When we finally got to the Blue Grotto we had to shell out more dough to actually go into the grotto. But when in Capri... right. And it was beyond description how gorgeous and surreal it was. In case you haven't heard it, the best way I can describe it is that its this little cave/grotto that just emits this stunning blue reflection from the water that reflects over everything in the most beautiful blue color. And the guys rowing the boat (the modern day Italian pirates) sang "volare" and let us all listen to the echo. When I tell you it was surreal--- well... haha... it was.

After the boat ride we had a nice little lunch before checking out one of the public stone beaches. It was beautiful but stones are bare feet don't cause the most beautiful emotions from me at least. Neither did the ice cold water- but it didn't stop me from dipping my toes in or perching on a rock to take in the sun. Until the sun went behind the clouds. Which was a huge bummer.

So, we trekked up to the town (we didn't take the bus out of cheapness) and it was so worth it. The town was super amazing. VERY bougie-- so basically all those cutsie shops were definitely outside of my price range. But I like a good window-shop as much as the next guy. But unfortunately before we knew it-- it was time to start the climb back down from the town to the ferry.

While I was bummed to leave Capri, the rest of my afternoon wasn't too shabby. A group of us went straight to the beach in Sorrento and enjoyed the sun which finally came out. And it was amazing to just sit on the beach and take in the rays. I did go for a dip because I had to and besides I packed my bathing suit for a reason. I want you to imagine the coldest water ever. Now add some ice cubes and that was what the med was like when I jumped in. BUT I DID IT. Besides, the sun made everything better.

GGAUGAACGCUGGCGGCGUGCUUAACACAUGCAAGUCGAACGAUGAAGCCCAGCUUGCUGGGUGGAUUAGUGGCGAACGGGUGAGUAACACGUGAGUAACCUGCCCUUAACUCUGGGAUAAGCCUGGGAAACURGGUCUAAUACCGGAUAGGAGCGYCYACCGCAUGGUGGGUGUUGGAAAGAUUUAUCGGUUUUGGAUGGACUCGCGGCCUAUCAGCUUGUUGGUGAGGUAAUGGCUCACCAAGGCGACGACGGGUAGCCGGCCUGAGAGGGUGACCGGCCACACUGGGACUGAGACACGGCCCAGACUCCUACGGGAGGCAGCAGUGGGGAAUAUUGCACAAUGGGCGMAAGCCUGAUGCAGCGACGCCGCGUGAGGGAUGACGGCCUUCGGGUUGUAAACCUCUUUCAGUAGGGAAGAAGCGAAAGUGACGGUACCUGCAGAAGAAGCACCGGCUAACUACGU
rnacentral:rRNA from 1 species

Of course... no rest for the weary because we were up again bright and early for our trip to Pompeii Italia to see the ruins. I'll be honest, I was VERY excited for Pompeii. All my years of high school Latin sometimes seem like a waste-- but after years of seeing pictures of Pompeii and reading about the soldiers and farmers in Pompeii, I thought it was high time I got there.

And it exceeded expectations. It really is incredible to think that it was a living, breathing town until boom the mountain blew its top. The casts of the bodies (which are throughout the excavation) are creepy to say to the least but great reminders. And walking among the villas and seeing real live impluvium and frescoes... that was amazing. Just truly mind-blowing. I could have spent days there. But not too many days... I wouldn't wanted to have given Mount V. the chance to blow again. Thinking of you Miss Wibes. Also Pat-- because he alone could have understood my excitement about Pompeii though I'm sure that Nicky could come for a close second.

Not to mention that we were basically caught in a windstorm in Pompeii. That was a little bummer that it was kinda cold (and I underdressed in hopes of getting some more sun) and that dust was blowing everywhere. Nothing like an early morning contact emergency in a volcanic-destroyed town to remind you of the small and large tragedies of life.

AND because we had ONE last stop to make (If this trip sounds exhausting... it WAS)... PIZZA in Naples, the birthplace of Pizza with a capital P. I was really excited and it was worth it. Naples was the most different city in Europe I've been to. A lot of people don't like Naples for the same reason I thought it had some real character-- it's kinda gritty, a little dirty-- but it felt like a city. And throw a good canoli and some amazing pizza my way-- and city, you've found the way to my heart. And that pizza was SO good. I went classic and simple and regretted nothing. We went to a little place-- a real family joint and I wasn't disappointed. Plus we got some calamaretti (which were like mini-squids) but they were delish if you didn't think about them too much. And did I mention that the pizza was great!